CS:
I was a painter first and always a visual artist as a child (my mother taught art) I went to college and got into performance and worked in an experimental group for about nine years. So performance and visual art is my thang. FS was an antidote to the lofty and difficult performance styles. I wanted (initially) to speak in a language of performance more people could connect too.

JD:
So you knew it would happen in some capacity. Did you think it would be with music or in the form of a collaboration?

CS:
Well, I knew lots of musicians and loved music but it wasn't something I was studying. As far as collaboration,
I am a very loyal person. Nine years with Doorika, the first group I was in, and nine years with Warren and FS. I like to get into it with people and go there. Hamlet, however, is my return to where I began and The Wooster Group was my art school fantasy.
JD:
And you were aware of The Wooster Group for awhile right? Like always wanted to be there?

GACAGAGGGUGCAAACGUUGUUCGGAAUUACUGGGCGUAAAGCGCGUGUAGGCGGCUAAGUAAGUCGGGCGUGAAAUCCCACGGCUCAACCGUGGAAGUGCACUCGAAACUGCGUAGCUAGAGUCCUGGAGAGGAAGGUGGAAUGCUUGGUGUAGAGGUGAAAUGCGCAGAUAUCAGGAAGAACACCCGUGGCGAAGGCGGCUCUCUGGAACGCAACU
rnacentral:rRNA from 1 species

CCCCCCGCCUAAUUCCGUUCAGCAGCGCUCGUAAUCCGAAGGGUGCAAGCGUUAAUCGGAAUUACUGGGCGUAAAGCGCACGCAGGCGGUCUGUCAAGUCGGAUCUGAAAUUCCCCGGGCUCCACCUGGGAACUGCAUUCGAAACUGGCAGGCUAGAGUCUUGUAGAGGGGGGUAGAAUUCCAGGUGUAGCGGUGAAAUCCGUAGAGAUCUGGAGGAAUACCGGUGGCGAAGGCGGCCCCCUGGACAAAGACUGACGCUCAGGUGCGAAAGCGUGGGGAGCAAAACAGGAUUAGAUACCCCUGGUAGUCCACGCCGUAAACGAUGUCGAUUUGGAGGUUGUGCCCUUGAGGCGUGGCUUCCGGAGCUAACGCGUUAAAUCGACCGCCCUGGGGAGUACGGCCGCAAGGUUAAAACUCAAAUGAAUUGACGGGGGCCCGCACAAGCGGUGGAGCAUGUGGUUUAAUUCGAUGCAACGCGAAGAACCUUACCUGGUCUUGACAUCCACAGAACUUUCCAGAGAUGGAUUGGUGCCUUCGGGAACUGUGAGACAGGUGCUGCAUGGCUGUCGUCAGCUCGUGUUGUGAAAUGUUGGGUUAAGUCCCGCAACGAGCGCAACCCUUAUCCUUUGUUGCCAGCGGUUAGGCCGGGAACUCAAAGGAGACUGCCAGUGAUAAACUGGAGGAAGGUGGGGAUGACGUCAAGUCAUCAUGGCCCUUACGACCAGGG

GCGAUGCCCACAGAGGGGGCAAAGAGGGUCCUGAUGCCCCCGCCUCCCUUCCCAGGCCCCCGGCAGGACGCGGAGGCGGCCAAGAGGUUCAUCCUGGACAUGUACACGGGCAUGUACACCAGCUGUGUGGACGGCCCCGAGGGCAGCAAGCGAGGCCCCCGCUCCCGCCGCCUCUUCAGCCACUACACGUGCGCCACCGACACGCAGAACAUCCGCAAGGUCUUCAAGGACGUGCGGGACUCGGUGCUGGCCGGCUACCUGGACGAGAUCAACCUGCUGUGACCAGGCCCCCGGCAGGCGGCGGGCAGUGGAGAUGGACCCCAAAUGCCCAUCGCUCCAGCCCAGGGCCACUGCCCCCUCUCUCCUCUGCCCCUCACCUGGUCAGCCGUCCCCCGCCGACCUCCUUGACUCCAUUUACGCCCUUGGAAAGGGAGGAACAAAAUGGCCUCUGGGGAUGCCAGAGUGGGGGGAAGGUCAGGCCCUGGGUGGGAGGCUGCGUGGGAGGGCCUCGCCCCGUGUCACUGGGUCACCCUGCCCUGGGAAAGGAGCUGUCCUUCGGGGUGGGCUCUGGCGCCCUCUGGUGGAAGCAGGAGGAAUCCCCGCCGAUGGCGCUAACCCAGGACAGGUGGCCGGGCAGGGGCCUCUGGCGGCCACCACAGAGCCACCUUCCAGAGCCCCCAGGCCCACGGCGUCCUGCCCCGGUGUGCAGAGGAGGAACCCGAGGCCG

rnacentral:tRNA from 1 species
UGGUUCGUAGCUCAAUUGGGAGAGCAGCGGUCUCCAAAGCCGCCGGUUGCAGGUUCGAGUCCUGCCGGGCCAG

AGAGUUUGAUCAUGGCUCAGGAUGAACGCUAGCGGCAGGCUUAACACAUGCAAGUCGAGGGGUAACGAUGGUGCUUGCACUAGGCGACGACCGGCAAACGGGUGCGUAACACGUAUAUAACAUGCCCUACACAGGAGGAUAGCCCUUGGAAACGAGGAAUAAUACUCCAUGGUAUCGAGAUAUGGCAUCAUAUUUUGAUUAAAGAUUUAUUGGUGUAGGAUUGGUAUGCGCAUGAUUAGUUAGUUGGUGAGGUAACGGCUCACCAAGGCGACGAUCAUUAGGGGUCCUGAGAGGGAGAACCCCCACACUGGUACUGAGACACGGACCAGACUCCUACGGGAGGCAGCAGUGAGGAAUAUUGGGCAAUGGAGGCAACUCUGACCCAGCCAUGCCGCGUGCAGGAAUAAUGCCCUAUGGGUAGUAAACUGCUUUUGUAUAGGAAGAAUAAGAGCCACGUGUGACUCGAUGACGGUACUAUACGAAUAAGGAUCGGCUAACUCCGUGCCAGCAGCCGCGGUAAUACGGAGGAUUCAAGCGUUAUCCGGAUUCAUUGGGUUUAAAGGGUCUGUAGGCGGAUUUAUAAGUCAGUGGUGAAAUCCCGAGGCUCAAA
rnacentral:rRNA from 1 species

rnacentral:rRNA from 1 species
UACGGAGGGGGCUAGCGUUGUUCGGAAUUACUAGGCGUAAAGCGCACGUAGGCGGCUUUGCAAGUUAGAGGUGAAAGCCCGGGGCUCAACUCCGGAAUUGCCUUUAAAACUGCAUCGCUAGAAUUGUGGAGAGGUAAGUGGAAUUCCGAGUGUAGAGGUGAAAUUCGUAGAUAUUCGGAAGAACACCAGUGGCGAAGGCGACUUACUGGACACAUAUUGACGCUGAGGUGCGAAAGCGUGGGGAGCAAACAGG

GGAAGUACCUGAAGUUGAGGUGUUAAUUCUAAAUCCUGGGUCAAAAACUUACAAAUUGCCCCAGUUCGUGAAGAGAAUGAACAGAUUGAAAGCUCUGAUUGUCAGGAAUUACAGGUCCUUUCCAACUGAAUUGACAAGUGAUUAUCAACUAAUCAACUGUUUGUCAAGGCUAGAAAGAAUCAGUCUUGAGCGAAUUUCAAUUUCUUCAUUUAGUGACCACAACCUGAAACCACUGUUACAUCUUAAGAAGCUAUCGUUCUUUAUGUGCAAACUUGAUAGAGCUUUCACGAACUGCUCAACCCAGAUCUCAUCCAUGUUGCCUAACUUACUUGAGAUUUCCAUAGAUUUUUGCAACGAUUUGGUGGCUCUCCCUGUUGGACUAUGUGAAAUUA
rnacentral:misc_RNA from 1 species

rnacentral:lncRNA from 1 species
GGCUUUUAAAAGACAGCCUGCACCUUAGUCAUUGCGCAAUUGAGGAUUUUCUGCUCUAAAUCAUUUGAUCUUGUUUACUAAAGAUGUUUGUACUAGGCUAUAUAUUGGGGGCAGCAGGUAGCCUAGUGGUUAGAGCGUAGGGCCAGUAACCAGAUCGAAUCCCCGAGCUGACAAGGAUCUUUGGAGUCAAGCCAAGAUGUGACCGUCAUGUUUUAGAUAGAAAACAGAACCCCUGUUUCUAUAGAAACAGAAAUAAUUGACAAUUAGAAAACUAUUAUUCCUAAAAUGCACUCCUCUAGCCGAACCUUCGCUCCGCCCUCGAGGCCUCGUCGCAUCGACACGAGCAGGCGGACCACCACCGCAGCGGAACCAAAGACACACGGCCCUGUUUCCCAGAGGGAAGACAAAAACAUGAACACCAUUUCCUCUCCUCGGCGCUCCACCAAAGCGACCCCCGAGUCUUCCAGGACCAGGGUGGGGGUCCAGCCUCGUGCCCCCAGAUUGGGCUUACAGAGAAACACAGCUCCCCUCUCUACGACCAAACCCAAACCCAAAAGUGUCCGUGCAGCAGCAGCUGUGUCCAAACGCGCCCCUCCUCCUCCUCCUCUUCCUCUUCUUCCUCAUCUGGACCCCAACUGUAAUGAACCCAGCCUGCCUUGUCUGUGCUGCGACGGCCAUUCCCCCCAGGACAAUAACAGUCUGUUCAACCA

CS:
Since I was 20. I am 37 now.

JD:
So you must be on top of the world being able to pick and choose your projects. Do you have a dream gig?

CS:
Dream gig...hmmm, I want to make a movie next. Or at least be in one. I want performance that is captured and can withstand the test of time.

JD:
Your perfect for movies, I can totally see you singing and dancing in wild costumes. What's the new album like? Is it a departure from FS past?

CS:
The new album is great. I am super excited. Warren is doing an amazing job. I can't wait for people to hear it. I am very proud of it, it's like the first and the second record, Electronic but better song writing. I feel like I finally figured out how to write and HAMLET helped! Being immersed in that language has given me a new perspective. I had a hard time with rhyme structures before, I felt that they limited the idea and meaning of language too much and DUH, rhyming is a big part of songwriting. I was more of a rhythmic writer but this is tough on melody. But after Shakespeare for two years I really have a love for rhyme and see how form and content can merge in a magical way. Not that I am some great singer/songwriter, that's not the point for me, I am an artist finding my way through American culture and entertainment is the dominant form that I love and hate.

JD:
Well as a multi-faceted artist ( I guess we could say) it only makes sense that all things creative for you would affect the other. I love people that are just complete creative beings especially ones who are recognized and admired for their talent.